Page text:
• Australia’s carbon tax led to income tax hikes. The key claim for the “conservative” case for a U.S. carbon tax is that the new revenue would allow for “pro-growth” cuts in other taxes. But in Australia, the carbon tax was accompanied by so many give-aways (to mitigate the impact on various groups with political pull) that the Australian government actually raised effective marginal income tax rates on 2.2 million taxpayers, compared to income tax reductions for only 560,000 taxpayers, meaning more Australians saw their marginal income tax rates go up, rather than down, by a margin of almost 4-to-1.
  • Australia’s carbon tax ushered in more inefficient energy regulations, not fewer. The Australian carbon tax was not accompanied by any reform of their inefficient wind and solar subsidies, or Renewable Energy Target (RET) mandates. In fact, Australia’s carbon tax was instituted along with a “Clean Energy Finance Corporation,” showing that it led to more command-and-control regulations, and more entry points for the politically-connected.
  •  Australia’s carbon tax has led to more policy uncertainty. Another key claim is that a U.S. carbon tax will establish a predictable “price” for carbon that firms can incorporate into their long-term investment plans. Yet in Australia, the carbon tax has been a comedy of errors. Originally the government promised during the 2010 campaign that it would not implement a carbon tax in the next 3-year cycle. That quickly went out the window, with the new carbon tax introduced in July 2012, with a planned transition to a cap and trade scheme in 2015, which at that time would be subject to floor and ceiling prices on the emission permits. However, in the very next month after introducing the carbon tax, the government announced that there would no longer be a floor price. Recently the government has proposed to move earlier towards a cap and trade scheme, with the new transition taking place on July 2014. Depending on the result of the forthcoming September 7 Australian election, the tax may either remain in place and transition to cap and trade in 2015, or it may move to a cap and trade scheme in 2014, or it may be abolished. The “policy certainty” of a carbon tax is yet another bogus promise.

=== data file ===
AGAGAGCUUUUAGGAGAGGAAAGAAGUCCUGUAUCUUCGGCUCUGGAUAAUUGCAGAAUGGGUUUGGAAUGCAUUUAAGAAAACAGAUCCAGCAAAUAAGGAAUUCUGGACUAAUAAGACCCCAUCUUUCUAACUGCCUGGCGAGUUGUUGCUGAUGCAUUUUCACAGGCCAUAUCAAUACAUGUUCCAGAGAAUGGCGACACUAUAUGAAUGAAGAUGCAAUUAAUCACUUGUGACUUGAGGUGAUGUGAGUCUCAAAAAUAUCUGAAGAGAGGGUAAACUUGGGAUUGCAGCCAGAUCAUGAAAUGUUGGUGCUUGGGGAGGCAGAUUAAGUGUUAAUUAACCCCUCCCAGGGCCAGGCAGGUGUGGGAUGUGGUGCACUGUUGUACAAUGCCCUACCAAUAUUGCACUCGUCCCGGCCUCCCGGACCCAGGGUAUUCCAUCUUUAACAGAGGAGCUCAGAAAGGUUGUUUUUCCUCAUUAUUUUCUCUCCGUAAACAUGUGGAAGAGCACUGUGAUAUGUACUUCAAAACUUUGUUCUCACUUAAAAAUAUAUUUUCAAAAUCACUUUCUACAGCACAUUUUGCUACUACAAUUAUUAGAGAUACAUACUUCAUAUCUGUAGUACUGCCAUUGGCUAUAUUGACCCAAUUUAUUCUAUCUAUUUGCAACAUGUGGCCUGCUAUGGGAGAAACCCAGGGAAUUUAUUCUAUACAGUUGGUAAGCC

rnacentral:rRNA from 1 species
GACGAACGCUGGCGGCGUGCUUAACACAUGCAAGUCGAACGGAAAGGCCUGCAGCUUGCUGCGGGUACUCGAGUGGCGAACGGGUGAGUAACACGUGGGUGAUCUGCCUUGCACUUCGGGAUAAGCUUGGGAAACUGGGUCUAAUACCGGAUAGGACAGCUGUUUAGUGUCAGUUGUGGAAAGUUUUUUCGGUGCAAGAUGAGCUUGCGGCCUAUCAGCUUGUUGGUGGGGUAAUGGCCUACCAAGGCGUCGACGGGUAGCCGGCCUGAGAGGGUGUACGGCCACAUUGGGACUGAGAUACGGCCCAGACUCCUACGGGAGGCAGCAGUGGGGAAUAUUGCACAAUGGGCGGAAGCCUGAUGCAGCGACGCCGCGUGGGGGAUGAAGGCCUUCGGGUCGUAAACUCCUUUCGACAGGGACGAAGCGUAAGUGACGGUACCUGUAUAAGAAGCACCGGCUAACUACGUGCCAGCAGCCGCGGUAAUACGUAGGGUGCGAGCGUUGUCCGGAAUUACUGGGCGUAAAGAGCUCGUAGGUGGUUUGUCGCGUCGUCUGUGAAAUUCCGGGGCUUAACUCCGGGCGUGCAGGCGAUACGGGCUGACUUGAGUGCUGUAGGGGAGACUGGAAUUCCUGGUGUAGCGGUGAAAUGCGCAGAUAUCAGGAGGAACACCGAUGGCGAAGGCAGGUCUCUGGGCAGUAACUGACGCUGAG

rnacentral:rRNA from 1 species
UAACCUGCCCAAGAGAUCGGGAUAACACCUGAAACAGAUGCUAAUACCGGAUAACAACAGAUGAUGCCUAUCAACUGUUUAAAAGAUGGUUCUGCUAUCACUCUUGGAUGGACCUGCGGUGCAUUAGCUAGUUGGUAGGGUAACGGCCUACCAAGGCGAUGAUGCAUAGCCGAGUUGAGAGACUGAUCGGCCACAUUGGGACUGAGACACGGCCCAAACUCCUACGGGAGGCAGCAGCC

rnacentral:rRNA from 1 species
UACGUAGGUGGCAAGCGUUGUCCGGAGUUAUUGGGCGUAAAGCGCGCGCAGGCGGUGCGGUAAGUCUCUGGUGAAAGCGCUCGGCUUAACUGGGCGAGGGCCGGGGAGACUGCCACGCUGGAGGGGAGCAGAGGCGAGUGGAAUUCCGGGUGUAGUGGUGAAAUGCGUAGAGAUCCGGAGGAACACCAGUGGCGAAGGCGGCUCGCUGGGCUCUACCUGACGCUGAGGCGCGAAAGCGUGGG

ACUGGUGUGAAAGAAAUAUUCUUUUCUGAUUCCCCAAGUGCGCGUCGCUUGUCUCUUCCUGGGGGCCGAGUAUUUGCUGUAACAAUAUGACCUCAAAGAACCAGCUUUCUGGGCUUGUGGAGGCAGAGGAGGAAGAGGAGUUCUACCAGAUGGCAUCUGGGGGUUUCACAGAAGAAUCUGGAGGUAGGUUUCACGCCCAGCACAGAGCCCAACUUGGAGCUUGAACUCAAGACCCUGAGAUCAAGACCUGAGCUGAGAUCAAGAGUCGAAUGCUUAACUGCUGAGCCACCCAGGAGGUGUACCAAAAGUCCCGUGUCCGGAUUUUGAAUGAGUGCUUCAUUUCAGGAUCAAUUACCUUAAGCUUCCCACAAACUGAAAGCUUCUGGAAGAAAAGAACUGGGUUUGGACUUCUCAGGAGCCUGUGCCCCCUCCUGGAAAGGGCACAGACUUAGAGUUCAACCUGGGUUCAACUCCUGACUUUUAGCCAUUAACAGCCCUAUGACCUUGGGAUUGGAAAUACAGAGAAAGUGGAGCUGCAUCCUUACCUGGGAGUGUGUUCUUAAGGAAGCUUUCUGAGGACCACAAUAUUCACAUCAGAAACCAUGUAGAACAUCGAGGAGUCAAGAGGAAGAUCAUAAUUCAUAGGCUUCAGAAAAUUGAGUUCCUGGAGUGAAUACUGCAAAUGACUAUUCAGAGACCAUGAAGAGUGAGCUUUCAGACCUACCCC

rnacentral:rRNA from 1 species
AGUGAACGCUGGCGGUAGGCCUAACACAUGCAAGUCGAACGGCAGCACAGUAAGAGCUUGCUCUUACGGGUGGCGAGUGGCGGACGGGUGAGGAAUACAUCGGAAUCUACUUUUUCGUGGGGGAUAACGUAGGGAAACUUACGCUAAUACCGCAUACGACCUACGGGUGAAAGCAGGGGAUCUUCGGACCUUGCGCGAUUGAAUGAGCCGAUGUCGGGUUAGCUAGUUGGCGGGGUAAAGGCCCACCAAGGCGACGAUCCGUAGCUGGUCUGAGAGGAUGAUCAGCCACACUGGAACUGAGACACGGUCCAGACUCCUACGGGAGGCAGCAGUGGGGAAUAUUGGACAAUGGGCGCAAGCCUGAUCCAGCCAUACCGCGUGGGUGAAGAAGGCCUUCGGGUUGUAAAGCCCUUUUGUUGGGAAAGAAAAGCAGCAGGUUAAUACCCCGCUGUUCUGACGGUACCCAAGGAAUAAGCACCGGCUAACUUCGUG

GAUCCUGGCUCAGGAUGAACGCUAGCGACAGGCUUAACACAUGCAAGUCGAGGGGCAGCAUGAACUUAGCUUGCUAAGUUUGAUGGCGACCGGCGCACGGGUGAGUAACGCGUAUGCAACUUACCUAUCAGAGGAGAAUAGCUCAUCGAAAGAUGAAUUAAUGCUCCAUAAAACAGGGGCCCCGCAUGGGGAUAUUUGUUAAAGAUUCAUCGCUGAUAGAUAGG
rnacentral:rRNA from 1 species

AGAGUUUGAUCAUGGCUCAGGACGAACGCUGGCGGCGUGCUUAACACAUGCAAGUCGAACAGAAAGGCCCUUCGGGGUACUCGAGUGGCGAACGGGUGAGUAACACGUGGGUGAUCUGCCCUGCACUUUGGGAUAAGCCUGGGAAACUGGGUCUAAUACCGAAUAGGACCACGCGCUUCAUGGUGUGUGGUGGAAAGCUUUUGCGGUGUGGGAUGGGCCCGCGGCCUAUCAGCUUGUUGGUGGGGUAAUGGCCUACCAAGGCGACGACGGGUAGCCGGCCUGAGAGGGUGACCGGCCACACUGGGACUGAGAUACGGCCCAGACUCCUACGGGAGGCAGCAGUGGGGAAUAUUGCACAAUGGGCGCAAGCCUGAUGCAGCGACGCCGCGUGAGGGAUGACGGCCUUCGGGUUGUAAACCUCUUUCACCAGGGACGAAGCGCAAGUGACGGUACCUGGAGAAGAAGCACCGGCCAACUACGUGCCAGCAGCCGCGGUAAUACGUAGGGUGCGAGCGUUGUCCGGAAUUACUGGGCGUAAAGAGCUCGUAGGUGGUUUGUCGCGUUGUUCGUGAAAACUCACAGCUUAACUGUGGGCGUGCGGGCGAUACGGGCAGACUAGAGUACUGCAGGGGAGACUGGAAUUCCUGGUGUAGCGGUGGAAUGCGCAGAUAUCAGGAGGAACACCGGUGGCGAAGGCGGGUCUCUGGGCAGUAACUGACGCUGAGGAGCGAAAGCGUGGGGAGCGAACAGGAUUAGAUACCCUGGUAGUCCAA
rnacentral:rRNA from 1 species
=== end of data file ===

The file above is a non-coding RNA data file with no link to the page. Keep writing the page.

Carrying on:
•  The carbon tax made Australia’s budget deficit worse. Another key claim is that a carbon tax will help reduce the U.S. federal budget deficit. Yet in Australia, because of the changes in income taxes and new spending programs designed to offset the impacts of the tax, for the first three years they are projecting a net loss to the Treasury of $4.4 billion. Here’s the chart from Robson’s study:
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Conclusion

Dr. Alex Robson is a serious academic who has published peer-reviewed technical papers on the interaction of public finance with environmental policy. His new study documents Australia’s first-hand experience with a carbon tax. The result has been sharply rising electricity prices and unemployment, with no demonstrated benefit in emission reductions.

Moreover, the promises of those calling for a “pro-growth” U.S. carbon tax have been have been proven to be utterly false in Australia: Its carbon tax came with income tax increases and fewer jobs as well as more command-and-control energy regulations. The debate over a carbon tax is now not just one of theoretical speculation; proponents need to explain why the U.S. outcome would be different from what actually happened in Australia.